From 6 April 2013 a Statutory Residence Test (SRT) applies to determine an individual’s residence status for UK tax purposes. Historically tax residence had been difficult to determine because there had never been a proper set of rules. The SRT applies to individuals for income tax, capital gains tax, inheritance tax and corporation tax but not for national insurance and non tax purposes. This legislation supersedes all previous residence legislation, case law and guidance.
The SRT consists of:
- automatic tests for non residence;
- automatic tests for residence; and
- UK ties and day counting, known as the Sufficient Ties test, for individuals who are not automatically non resident or resident.
To apply the rules you consider each tax year separately and apply the above tests to it in order. Once you meet an automatic test you do not consider any later tests. The Sufficient Ties test makes a distinction between “arrivers” (defined as individuals who were not resident for all of the previous three tax years) and “leavers” (defined as individuals who were resident in one or more of the previous three tax years). This reflects the government’s view that residence has an “adhesive nature”.
Resident or non resident?
KPMG in the UK publish a summary of the SRT in the form of a Statutory Residence Test Decision Tree (PDF 93 KB). The definitions behind each of the tests and UK ties, together with individual circumstances, need to be carefully considered before concluding on whether an individual is resident or non resident for UK tax purposes.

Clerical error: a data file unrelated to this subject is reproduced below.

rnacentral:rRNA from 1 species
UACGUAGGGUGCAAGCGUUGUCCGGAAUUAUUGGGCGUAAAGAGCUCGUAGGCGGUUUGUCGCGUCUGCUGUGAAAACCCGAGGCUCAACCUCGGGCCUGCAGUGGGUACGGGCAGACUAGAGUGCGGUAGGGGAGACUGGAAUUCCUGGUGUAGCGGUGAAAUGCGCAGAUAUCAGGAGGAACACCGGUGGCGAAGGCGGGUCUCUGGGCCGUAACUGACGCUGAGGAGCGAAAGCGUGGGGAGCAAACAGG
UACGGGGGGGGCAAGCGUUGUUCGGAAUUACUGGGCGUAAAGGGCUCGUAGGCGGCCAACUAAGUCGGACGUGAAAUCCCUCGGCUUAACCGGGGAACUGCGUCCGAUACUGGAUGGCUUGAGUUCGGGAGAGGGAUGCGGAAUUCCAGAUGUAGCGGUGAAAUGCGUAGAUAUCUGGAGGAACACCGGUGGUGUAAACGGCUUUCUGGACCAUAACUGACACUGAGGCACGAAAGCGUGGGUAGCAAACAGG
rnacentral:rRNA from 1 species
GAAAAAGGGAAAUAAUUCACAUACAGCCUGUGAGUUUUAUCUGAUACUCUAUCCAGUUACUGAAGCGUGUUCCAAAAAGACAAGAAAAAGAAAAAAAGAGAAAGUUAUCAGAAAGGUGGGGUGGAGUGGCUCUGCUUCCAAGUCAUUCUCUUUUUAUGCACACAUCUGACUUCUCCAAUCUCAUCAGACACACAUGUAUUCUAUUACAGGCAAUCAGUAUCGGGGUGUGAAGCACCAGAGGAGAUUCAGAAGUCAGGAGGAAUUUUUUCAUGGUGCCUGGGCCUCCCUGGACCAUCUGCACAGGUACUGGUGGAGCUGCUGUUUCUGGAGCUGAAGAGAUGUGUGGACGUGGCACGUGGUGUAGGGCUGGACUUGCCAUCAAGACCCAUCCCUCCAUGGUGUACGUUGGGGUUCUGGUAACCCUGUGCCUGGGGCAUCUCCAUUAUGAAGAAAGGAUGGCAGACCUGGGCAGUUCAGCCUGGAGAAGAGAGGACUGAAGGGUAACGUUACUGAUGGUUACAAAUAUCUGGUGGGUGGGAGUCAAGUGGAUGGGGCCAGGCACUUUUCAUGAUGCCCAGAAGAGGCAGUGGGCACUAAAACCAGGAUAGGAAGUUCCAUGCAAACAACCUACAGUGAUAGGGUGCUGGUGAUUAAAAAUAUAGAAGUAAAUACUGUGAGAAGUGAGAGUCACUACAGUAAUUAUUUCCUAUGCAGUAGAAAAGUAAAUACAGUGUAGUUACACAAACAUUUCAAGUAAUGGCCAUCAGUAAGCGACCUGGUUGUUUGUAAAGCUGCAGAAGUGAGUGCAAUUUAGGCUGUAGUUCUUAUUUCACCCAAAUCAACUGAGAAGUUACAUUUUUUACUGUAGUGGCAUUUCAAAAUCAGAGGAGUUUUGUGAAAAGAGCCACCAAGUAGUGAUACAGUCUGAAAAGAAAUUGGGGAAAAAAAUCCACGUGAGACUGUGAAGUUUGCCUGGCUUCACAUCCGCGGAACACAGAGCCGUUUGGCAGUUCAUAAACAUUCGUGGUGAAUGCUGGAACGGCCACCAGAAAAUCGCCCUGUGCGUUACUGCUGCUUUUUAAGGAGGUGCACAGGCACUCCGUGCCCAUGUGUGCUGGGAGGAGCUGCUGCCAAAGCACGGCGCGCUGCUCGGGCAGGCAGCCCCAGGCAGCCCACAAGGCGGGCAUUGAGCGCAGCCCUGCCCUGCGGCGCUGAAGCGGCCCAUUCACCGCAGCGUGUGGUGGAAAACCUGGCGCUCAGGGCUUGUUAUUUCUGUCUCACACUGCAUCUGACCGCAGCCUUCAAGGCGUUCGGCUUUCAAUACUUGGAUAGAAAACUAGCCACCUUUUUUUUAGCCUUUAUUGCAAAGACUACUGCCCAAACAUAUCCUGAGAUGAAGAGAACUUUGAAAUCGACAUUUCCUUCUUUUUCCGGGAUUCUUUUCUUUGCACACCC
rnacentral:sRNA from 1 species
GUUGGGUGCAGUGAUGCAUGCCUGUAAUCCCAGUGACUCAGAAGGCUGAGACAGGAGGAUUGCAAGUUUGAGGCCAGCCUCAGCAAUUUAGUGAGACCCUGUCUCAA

The SRT has abolished the concept of ordinary residence for tax purposes but overseas workday relief has been retained for non-UK domiciled individuals. The calculation of overseas workday relief can be very complex.
In addition to dealing with residence status the SRT provides anti-avoidance rules for people leaving the UK for less than 5 years and those that are present in the UK on a large number of days but not in the UK at midnight.
Although the SRT potentially provides greater certainty on residence status it is as important as ever to take appropriate professional advice to ensure a full understanding of the rules.
Residence and tax status are particularly important issues for people leaving the UK to work abroad or coming to work in the UK and for employers of globally mobile employees.
Please see KPMG’s flash International Executive Alerts on the Statutory Residence Test (PDF 71 KB) and the Overseas Workday Relief (PDF 53 KB) dated (28th March 2013) for further information on how the new legislation impacts employers.
To find out more about the new SRT, please call your usual KPMG contact or any of the individuals listed in the attached publications.